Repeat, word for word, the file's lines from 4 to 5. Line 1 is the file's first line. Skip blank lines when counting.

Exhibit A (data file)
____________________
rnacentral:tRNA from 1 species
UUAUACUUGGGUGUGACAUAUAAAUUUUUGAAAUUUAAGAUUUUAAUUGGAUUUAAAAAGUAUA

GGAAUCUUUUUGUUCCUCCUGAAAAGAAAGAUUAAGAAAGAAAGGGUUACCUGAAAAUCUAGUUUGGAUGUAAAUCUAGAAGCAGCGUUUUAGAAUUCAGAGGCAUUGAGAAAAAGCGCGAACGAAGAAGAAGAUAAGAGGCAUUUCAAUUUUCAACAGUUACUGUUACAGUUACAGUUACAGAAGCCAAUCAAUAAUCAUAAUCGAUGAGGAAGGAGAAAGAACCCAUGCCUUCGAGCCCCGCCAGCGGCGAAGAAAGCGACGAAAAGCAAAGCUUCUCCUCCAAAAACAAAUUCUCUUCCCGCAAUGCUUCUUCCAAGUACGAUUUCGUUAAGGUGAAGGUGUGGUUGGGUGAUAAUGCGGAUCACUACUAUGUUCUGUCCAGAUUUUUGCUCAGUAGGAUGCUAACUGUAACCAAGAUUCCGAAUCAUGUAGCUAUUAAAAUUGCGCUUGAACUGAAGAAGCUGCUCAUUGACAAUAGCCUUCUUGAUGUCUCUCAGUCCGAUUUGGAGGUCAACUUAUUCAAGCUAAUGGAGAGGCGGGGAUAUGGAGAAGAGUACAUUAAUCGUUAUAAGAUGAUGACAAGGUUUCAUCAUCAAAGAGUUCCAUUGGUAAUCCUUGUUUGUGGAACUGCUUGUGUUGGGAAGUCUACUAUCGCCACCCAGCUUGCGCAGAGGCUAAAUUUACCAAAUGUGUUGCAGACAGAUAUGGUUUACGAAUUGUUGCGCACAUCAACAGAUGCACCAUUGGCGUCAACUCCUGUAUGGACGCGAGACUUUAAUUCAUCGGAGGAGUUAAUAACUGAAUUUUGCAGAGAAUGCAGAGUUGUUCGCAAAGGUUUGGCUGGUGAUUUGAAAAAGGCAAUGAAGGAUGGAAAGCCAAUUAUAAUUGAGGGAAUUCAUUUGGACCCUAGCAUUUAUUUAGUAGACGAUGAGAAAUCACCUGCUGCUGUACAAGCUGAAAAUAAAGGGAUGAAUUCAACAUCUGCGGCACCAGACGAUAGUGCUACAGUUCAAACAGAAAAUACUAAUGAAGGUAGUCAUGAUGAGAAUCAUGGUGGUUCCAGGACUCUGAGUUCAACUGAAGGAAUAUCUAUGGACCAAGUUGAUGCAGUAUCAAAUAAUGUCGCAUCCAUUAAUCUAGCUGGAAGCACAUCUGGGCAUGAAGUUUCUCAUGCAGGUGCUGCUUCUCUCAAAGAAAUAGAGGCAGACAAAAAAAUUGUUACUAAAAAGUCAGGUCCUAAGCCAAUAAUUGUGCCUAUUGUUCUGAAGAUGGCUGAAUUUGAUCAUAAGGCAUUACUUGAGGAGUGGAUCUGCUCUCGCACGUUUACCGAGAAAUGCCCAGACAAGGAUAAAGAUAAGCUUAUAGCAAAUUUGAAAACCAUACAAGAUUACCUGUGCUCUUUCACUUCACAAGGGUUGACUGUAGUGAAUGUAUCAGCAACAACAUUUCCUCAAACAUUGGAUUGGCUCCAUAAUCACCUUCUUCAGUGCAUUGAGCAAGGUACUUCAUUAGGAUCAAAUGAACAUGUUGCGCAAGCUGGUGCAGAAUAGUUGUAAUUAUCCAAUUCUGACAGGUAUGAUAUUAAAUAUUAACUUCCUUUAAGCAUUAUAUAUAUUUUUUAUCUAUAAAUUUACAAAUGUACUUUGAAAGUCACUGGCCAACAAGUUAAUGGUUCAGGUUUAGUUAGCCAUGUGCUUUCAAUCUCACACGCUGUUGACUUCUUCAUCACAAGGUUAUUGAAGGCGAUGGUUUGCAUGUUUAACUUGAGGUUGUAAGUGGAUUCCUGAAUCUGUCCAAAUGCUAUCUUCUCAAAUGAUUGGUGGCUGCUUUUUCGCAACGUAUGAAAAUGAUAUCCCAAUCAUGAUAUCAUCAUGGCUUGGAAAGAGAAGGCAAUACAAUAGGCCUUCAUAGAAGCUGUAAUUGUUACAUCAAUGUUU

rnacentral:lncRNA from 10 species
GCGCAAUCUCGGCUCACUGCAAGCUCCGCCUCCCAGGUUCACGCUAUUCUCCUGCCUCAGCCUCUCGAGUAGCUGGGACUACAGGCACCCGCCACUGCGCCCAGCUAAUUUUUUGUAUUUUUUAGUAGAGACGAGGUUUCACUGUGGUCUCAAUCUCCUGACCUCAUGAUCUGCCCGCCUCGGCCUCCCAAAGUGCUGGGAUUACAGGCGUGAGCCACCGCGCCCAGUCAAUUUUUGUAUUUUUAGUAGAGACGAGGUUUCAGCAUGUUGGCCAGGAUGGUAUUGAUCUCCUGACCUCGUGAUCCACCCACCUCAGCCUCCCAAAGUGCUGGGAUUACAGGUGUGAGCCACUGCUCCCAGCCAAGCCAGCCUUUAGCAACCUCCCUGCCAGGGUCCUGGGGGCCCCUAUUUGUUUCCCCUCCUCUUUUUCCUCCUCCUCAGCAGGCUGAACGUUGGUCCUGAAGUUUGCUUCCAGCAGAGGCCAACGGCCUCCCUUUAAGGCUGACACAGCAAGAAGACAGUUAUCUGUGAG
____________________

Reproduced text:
rnacentral:lncRNA from 10 species
GCGCAAUCUCGGCUCACUGCAAGCUCCGCCUCCCAGGUUCACGCUAUUCUCCUGCCUCAGCCUCUCGAGUAGCUGGGACUACAGGCACCCGCCACUGCGCCCAGCUAAUUUUUUGUAUUUUUUAGUAGAGACGAGGUUUCACUGUGGUCUCAAUCUCCUGACCUCAUGAUCUGCCCGCCUCGGCCUCCCAAAGUGCUGGGAUUACAGGCGUGAGCCACCGCGCCCAGUCAAUUUUUGUAUUUUUAGUAGAGACGAGGUUUCAGCAUGUUGGCCAGGAUGGUAUUGAUCUCCUGACCUCGUGAUCCACCCACCUCAGCCUCCCAAAGUGCUGGGAUUACAGGUGUGAGCCACUGCUCCCAGCCAAGCCAGCCUUUAGCAACCUCCCUGCCAGGGUCCUGGGGGCCCCUAUUUGUUUCCCCUCCUCUUUUUCCUCCUCCUCAGCAGGCUGAACGUUGGUCCUGAAGUUUGCUUCCAGCAGAGGCCAACGGCCUCCCUUUAAGGCUGACACAGCAAGAAGACAGUUAUCUGUGAG